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Tiered Tariffs, Complexity, and Demands on Staff

Article by: Paul Gipe


Some critics have charged that determining wind tariffs after a five-year test period is too complex and too demanding of staff time and that a flat tariff is easier to implement than tiered tariffs.

Both Germany and France use a five-year test period to determine total payments for wind contracts. In Germany, the test period is used to determine the amount of time in months the initial price is continued until it drops to the lower tariff or T2. In France, the test period is used to determine the actual tariff, T2, paid during the second period, years 6-15. Neither country has encountered any difficulty in doing this or required the creation of any new bureaucracy.

According to Deutsche Windguard, a consulting company in Germany, the Local Distribution Company processes contracts and determines the payment stream. Windguard’s Gerhard Gerdes believes this is done automatically as part of the normal billing cycle and doesn’t expect much direct human intervention. The only data required are the actual production and the type of wind turbine. Simple look-up tables (a spreadsheet function) are then used to determine whether the payment is made under T1 or under T2.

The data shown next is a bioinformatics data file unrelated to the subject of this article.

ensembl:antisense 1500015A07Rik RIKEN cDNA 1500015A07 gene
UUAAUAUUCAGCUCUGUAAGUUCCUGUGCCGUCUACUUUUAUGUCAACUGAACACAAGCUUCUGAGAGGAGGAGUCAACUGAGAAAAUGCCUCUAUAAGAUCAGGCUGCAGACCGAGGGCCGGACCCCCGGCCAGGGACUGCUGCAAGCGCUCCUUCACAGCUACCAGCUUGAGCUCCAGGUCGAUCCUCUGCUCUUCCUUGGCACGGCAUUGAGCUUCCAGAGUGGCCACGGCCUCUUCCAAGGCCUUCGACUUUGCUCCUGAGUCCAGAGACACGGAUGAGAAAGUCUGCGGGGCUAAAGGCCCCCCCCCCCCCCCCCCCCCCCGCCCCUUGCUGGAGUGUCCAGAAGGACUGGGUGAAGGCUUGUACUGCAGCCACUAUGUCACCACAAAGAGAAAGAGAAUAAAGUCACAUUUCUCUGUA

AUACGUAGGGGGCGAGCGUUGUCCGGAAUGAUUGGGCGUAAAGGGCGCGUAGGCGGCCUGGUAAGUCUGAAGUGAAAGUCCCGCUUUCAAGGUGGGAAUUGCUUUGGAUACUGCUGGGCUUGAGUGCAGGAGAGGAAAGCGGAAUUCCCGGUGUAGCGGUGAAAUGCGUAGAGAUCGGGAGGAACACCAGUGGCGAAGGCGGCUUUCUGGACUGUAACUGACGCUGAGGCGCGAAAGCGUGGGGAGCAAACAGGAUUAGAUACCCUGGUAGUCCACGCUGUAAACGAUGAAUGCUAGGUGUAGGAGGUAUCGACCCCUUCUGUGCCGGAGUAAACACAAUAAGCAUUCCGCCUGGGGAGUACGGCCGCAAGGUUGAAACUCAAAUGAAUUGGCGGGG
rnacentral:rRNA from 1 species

In France, ADEME’s Bernard Chabot explains that EDF Distribution (the state utility’s local or regional distribution offices) processes contracts and payments. The only data required are average production and the wind turbine’s rotor diameter or more specifically its swept area. From this a linear interpretation is made to determine the price paid under tariff T2. This too can be automated.

In both cases the question of complexity and staff time required perplex both Gerdes and Chabot. In all the criticisms of either system this has never been an issue. In fact, one of the merits of the Advanced Renewable Tariff system is its simplicity and ease of administration. Using tiered tariffs for wind projects does not compromise this advantage.